Wow, we had some fascinating comments to my last blog post. It seemingly struck a chord with people. It really is fascinating how our belief systems operate, and what it is that forms our beliefs, isn't it?

If you haven’t read that article yet, click here to read it first - so you know what we are talking about.

I wrote about the importance of preparation and ended the article with the statement “Losers just wing it. Winners train and prepare.”

There were a lot of comments, even critical ones that would be worth addressing. Let’s today address one common belief that was formulated in this comment:

I find OVER preparation, where the singer does the same songs, the same way, at each performance, is Vanilla and BORING.

This is very common belief, and I would agree with her, but it of course depends on what we consider “preparation”.

I stated that people who excel know how to prepare. And part of skill development is to learn WHAT to prepare for and HOW to prepare.

This includes how to prepare for a performance/showcase/audition, such as preparing physically and mentally, developing and rehearsing the material, technical sound check, etc.

However, the art or preparation is much bigger than that. Everything you do in life is preparation for something in the future. Learning, growing, developing is preparation for something. The question is, what and how we prepare – i.e. what and how to learn.

If we think preparation for a performances means that you need to plan and rehearse the exact gesture you are going to make on the third word in the second sentence, then you are, in my opinion, not preparing to be an effective performer. (And yes, we have known performers fall into this trap too.)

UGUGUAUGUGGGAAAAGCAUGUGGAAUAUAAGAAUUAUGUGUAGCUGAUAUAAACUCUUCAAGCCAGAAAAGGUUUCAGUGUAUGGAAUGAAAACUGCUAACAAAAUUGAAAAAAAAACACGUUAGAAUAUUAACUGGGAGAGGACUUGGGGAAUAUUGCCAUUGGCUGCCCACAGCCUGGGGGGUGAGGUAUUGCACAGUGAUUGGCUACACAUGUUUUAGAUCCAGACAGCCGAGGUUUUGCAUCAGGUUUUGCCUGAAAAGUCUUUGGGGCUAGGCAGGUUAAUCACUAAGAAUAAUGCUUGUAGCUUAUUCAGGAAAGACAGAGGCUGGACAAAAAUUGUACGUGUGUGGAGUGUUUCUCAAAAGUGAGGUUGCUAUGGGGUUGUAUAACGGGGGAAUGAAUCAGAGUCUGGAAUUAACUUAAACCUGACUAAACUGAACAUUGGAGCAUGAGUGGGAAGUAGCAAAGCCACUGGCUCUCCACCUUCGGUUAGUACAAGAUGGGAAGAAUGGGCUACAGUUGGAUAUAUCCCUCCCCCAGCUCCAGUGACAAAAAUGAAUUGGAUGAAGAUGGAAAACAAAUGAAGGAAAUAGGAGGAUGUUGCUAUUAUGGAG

If someone needs to sing through the entire song several times half an hour before the show, I wouldn’t consider that “preparation”. I would call that “freaking out”, and you’re doing it due to lack of preparation.

A stale and boring performance has little do with “over-preparation” really. It has to do with how and what you prepare and your training and your skill level.

Those who have studied with me know why I am the creator of the “Sing With Freedom” program and not the “Sing With Rigidity “ program. Prior to creating the home study version of what has become known as the Bristow Voice Method, I had become known as the person who not only helps people heal voice problems and develop their physical voices, but also trains people to become confident, charismatic, spontaneous, alive, and influential communicators and performers.

If you have seen the free video that I provide (the one that was recorded in the studio at the piano), I go into great detail of why it is that singing scales, for example, becomes counterproductive. The big problem with traditional singing training is that the belief in standing straight, using breath control, holding your jaw and larynx in a certain position, does indeed very often create rigidity instead of freedom. Many of you reading this have experienced this.